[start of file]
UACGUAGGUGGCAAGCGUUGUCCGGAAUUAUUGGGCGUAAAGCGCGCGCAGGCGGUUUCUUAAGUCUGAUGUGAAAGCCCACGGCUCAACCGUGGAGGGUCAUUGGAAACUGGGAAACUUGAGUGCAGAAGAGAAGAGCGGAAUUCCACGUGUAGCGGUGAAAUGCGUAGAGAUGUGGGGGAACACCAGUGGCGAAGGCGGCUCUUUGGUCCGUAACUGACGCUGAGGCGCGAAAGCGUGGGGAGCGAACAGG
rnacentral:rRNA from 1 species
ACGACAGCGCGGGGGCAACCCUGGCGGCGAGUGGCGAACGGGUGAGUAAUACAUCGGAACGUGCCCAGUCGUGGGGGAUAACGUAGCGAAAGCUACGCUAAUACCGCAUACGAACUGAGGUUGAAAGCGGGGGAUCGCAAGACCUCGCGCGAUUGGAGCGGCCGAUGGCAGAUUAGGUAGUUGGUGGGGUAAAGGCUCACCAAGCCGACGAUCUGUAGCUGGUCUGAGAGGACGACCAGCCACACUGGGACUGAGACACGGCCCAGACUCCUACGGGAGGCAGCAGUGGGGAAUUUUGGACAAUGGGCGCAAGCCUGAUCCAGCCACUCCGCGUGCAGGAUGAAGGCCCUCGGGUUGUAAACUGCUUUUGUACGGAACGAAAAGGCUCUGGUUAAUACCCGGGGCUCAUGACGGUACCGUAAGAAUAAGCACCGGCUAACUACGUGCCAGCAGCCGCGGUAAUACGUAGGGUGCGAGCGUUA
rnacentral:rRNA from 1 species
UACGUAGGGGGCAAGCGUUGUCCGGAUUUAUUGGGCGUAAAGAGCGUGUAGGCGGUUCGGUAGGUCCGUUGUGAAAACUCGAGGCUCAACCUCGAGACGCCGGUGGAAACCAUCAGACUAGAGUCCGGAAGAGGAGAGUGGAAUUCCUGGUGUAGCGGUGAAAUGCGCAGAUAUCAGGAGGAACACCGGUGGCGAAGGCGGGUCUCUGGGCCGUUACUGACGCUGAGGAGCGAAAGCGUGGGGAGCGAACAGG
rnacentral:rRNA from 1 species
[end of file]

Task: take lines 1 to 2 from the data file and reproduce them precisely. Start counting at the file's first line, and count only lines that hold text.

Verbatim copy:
UACGUAGGUGGCAAGCGUUGUCCGGAAUUAUUGGGCGUAAAGCGCGCGCAGGCGGUUUCUUAAGUCUGAUGUGAAAGCCCACGGCUCAACCGUGGAGGGUCAUUGGAAACUGGGAAACUUGAGUGCAGAAGAGAAGAGCGGAAUUCCACGUGUAGCGGUGAAAUGCGUAGAGAUGUGGGGGAACACCAGUGGCGAAGGCGGCUCUUUGGUCCGUAACUGACGCUGAGGCGCGAAAGCGUGGGGAGCGAACAGG
rnacentral:rRNA from 1 species